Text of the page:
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[298] could not bring artillery to bear on it: all the troops with me were jaded by twelve hours marching and fighting, and I was notified that General Johnson was close to the town with his division, the only one of my corps that had not been engaged, Anderson's division of the Third Corps having been halted to let them pass. Cemetery Hill was not assailable from the town, and I determined with Johnson's division to take possession of a wooded hill to my left, on a line with and commanding Cemetery Hill. Before Johnson got up, the enemy was reported moving to our left flank-our extreme left-and I could see what seemed to be his skirmishers in that direction. Before this report could be investigated by Lieutenant T. T. Turner, of my staff, and Lieutenant Robert Early, sent to investigate it, and Johnson placed in position, the night was far advanced.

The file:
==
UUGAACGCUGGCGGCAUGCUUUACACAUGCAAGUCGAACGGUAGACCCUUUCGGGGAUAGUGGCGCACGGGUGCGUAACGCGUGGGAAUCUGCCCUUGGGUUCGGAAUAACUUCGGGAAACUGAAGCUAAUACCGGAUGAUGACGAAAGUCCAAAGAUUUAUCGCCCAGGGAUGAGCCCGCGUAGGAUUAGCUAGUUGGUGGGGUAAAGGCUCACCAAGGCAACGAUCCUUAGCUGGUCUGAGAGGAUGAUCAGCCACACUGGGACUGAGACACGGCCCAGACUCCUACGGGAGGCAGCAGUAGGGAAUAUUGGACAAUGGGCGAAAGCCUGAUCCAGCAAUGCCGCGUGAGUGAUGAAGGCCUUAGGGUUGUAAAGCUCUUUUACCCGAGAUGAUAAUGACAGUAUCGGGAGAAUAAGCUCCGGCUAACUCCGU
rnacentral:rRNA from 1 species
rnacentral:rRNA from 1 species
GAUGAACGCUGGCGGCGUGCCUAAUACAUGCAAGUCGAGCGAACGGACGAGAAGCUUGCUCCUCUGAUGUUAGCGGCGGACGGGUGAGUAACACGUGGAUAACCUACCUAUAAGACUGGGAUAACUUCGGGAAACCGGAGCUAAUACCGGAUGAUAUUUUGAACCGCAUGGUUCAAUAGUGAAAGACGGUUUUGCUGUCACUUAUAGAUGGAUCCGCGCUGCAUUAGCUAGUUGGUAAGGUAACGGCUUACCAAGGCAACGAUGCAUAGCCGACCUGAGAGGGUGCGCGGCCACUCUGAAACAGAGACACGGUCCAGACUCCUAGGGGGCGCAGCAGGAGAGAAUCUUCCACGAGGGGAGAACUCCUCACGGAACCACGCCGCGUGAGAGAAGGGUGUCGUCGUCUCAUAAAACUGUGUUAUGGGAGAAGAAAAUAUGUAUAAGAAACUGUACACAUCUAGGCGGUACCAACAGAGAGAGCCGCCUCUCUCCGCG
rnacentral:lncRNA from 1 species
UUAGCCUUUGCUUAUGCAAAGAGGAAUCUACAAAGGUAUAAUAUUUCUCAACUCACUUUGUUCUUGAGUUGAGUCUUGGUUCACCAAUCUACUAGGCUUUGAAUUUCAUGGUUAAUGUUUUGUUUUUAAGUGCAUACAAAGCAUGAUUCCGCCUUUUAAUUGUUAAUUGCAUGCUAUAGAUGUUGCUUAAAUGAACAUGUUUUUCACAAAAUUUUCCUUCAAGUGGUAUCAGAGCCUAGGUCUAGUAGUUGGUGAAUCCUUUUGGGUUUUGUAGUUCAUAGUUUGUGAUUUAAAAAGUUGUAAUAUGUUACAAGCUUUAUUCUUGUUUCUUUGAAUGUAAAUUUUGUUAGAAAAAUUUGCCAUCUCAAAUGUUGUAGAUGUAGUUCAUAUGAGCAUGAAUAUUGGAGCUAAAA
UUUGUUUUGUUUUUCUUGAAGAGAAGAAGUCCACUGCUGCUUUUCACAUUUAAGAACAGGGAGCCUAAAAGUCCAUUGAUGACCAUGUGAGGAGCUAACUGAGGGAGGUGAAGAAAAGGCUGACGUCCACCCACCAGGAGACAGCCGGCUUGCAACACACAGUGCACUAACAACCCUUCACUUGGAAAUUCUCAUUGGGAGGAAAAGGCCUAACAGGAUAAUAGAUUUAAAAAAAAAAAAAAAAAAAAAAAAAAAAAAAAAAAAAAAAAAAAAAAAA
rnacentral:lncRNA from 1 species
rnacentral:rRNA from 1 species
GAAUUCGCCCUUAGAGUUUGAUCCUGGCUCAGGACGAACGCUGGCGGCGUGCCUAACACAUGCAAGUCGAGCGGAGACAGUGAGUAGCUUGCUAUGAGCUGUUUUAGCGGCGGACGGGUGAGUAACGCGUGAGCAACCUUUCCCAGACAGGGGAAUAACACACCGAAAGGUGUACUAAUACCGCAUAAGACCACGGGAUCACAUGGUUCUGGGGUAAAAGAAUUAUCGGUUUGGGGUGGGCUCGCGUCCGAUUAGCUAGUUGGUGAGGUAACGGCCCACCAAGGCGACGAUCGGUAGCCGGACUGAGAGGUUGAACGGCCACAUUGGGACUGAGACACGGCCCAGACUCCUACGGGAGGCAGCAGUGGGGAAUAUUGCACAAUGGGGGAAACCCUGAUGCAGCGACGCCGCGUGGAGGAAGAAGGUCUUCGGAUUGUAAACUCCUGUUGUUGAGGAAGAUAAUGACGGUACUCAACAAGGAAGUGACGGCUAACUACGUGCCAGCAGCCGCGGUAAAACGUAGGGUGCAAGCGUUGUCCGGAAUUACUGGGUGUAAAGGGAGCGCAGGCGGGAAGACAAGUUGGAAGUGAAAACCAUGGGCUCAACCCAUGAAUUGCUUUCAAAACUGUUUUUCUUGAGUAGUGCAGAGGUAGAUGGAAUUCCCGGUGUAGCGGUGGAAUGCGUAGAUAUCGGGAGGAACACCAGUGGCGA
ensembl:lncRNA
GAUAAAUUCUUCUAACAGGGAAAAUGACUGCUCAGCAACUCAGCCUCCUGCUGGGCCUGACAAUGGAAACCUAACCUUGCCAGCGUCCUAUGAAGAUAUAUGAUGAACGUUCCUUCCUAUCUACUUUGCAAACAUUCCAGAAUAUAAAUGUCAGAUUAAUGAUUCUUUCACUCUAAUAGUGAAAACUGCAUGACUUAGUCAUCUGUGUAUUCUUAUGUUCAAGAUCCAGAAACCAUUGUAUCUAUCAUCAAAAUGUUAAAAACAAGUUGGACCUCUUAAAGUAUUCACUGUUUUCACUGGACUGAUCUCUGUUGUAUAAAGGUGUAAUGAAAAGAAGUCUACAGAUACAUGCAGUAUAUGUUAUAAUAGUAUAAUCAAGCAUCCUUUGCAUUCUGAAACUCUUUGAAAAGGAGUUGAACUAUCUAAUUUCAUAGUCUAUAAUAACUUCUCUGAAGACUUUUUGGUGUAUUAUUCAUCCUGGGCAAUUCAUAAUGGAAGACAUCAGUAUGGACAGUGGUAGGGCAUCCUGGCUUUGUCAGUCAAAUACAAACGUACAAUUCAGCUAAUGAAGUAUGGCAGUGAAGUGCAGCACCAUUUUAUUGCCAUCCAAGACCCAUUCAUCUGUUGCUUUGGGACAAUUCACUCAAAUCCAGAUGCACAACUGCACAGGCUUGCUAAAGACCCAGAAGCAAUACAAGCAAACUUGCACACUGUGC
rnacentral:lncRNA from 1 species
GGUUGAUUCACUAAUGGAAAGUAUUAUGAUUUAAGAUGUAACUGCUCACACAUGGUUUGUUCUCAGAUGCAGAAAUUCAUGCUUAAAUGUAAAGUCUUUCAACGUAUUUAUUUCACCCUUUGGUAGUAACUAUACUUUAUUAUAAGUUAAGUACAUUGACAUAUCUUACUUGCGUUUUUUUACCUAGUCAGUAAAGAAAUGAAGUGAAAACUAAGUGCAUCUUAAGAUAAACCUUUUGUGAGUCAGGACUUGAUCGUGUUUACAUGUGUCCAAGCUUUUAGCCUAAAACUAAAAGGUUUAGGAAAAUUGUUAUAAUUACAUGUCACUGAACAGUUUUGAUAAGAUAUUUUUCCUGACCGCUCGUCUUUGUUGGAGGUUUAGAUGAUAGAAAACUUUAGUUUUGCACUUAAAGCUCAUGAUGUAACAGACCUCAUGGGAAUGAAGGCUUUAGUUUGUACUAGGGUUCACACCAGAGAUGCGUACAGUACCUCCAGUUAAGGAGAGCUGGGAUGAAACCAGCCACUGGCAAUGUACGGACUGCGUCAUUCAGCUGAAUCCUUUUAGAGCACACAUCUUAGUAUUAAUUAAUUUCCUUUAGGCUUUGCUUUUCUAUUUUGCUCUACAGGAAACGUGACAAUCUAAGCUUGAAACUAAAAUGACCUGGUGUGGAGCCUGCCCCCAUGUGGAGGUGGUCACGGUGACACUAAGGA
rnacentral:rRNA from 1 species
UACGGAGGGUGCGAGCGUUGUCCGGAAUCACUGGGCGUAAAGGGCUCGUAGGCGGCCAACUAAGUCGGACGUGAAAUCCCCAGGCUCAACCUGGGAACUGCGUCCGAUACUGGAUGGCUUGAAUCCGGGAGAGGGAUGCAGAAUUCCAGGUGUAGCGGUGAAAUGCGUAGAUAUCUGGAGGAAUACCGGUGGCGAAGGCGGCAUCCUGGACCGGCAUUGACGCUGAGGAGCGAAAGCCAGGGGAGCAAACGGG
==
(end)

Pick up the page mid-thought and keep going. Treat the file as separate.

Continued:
I received orders soon after dark to draw my corps to the right in case it could not be used to advantage where it was, that the commanding General thought from the nature of the ground that the position for attack was a good one on that side. I represented to the commanding General that the hill above referred to was unoccupied by the enemy at dark, as reported by Lieutenants Turner and Early, who had gone upon it, and that it commanded their position and made it untenable, so far as I could judge. He decided to let me remain, and on my return to my headquarters, after 12 o'clock at night, I sent orders to Johnson by Lieutenant and T. T. Turner, A. D. C., to take possession of this hill, if he had not already done so. General Johnson stated in reply to this order that after forming his line of battle this side of the wooded hill in question, he had sent a reconnoitering party to the hill, with orders to report as to the position of the enemy in reference to it. This party, on nearing the summit, was met by a superior force of the enemy, which succeeded in capturing a portion of the reconnoitering party, the rest of it making its escape. During this conversation with General Johnson a man arrived, bringing a despatch dated at 12 mid-night, and taken from a Federal courier making his way from General Sykes to General Slocum, in which the former stated that his corps was then halted four miles from Gettysburg, and would resume its march at 4 A. M. Lieutenant Turner brought this despatch to my headquarters, and at the same time stated that General Johnson would refrain from attacking the position until I had received notice of the fact that the enemy were in possession of the hill, and had sent him further orders. Day was now breaking, and it was too late for any change of place. Meantime orders had come from the General commanding for me to delay my attack until I heard General Longstreet's guns open on the

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